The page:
What If? Part II

“What if?” can lead to a stronger painting.

We hear it all the time… “Just because it is in the photo doesn’t mean we have to paint it that way.” And our common response may be “but that’s how it looks in the photo.” It can take a while before we feel confident enough in our skills to give ourselves permission to re-interpret a scene. I would like to share with you such a journey that led to a 2nd place award that I received in the 21st Annual Pastel Journal’s Pastel 100 Competition.

As I shared in the April 2020 edition of the Pastel Journal, during a walk in the woods 10 years ago, a young raccoon came toward me along the footpath, unaware of my presence. As it stopped to take a drink from a stream, I quickly and quietly took some photos. The painting that I created soon after this interaction diligently copied the scene, including the brown of Autumn. I was very pleased with that initial painting because it looked like the photo, well, pretty much.

A pastel painting of a raccoon taking a drink from a river, during autumn
Autumn Dip

Ten years later, I decided to revisit the moment. Over those years, not only have my skills with pastels improved, but I’m more comfortable with asking “what if?” and giving myself permission to step away from photograph.

The “what if?” phase happens for me when developing thumbnail sketches, considering various compositions. Once I select a composition that I feel is strong, then I’ll ask myself “what if” I change the direction of the lighting or the overall color scheme? These all went into creating “Cool Drink.”

Wanting to bring more focus on the moment, cropping in closely to the raccoon edits out many of the potential distractions and essentially unimportant elements in the scene.

Sketches of the raccoon paintings
Notan

Changing the color scheme to the greens of summer allowed for a more vibrant complementary palette and prevented the raccoon from becoming lost in the Autumn reflections.  And lastly, shifting the light source to backlighting gave me an opportunity to punch up the glints on the water and lead the viewer’s eyes into the scene.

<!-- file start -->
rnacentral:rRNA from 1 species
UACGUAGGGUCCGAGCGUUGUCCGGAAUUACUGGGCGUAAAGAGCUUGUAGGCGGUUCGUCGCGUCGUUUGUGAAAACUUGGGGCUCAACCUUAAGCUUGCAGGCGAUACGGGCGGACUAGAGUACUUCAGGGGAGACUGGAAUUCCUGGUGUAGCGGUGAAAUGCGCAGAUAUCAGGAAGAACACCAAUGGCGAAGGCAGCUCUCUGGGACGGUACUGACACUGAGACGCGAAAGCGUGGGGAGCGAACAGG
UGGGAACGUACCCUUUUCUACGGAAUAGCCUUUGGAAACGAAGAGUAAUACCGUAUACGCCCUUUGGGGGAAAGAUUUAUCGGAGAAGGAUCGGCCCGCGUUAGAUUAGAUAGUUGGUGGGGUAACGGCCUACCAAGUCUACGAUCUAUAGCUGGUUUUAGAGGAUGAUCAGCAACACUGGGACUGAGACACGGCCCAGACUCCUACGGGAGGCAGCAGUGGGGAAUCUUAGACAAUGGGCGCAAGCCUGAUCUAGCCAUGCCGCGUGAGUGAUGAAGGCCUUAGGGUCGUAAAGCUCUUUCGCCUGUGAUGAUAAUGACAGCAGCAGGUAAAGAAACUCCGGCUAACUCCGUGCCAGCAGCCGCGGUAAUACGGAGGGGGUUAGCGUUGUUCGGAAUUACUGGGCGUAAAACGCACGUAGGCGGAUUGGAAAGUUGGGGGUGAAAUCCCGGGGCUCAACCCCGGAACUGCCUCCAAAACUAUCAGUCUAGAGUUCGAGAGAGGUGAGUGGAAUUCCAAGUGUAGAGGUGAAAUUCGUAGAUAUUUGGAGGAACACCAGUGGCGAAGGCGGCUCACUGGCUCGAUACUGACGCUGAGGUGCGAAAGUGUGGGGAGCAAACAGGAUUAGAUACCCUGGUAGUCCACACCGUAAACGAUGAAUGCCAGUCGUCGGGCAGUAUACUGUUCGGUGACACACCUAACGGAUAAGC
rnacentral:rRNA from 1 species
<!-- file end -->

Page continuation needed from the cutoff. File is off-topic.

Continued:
A raccoon takes a sip from a stream
Cool Drink

By stepping away from copying the reference photo literally, it can result in a stronger painting and a more compelling story. If we only give ourselves permission to ask, “what if?”

Part I of Tracey’s What If? blogs can be found here.

A Kitchen Tool and Pastels?

Over the years, I have learned that there are infinite ways in which pastels can be manipulated as a drawing and painting medium.  Examples range

The Plan is Subject to Change

I am a planner (and not ashamed to admit it).  While I may spend time sketching for fun, when beginning a new painting, I always have a plan.

Announcing More New Associate Artists

We can now announce our second group of new Associate Artists to Unison Colour. Our Associate Artists perform a fantastic role for Unison Colour and we are proud to welcome the following people…

A pastel painting of a bison on a dusty plain

Exploratory Sketches

Do you work from photos or from life? This is not an either/or question. There are pros and cons to either approach and I prefer the best of both worlds.

What if?

Isn’t it exciting when you stumble onto something that is totally new?  That is what happened when a colleague and I were developing a series of workshops on creative underpaintings for pastel.  While experimenting and asking “what if?” the technique of “Floating Pastel” was created.

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5 Responses

  1. Love the Blog, Tracey! Kudos & Congrats! A very rewarding, substantive story, which taught an interesting lesson of “taking a leap” – “what if…,” says quite a lot, in my estimation. And your Result was one of my Favorites of your paintings. Thanks for sharing and inspiring…!!!!! “What a lesson…!”

  2. A great blog – stunning painting too. Really good advices I always think it is better to add intuitive details as you feel them. x

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